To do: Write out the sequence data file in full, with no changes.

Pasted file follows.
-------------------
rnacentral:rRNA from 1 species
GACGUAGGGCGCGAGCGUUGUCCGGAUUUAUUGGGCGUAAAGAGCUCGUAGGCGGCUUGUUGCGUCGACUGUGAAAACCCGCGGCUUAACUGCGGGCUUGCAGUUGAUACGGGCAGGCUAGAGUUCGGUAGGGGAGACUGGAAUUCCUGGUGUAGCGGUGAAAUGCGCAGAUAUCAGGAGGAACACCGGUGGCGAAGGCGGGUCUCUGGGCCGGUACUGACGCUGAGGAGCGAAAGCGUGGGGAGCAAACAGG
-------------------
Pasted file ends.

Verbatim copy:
rnacentral:rRNA from 1 species
GACGUAGGGCGCGAGCGUUGUCCGGAUUUAUUGGGCGUAAAGAGCUCGUAGGCGGCUUGUUGCGUCGACUGUGAAAACCCGCGGCUUAACUGCGGGCUUGCAGUUGAUACGGGCAGGCUAGAGUUCGGUAGGGGAGACUGGAAUUCCUGGUGUAGCGGUGAAAUGCGCAGAUAUCAGGAGGAACACCGGUGGCGAAGGCGGGUCUCUGGGCCGGUACUGACGCUGAGGAGCGAAAGCGUGGGGAGCAAACAGG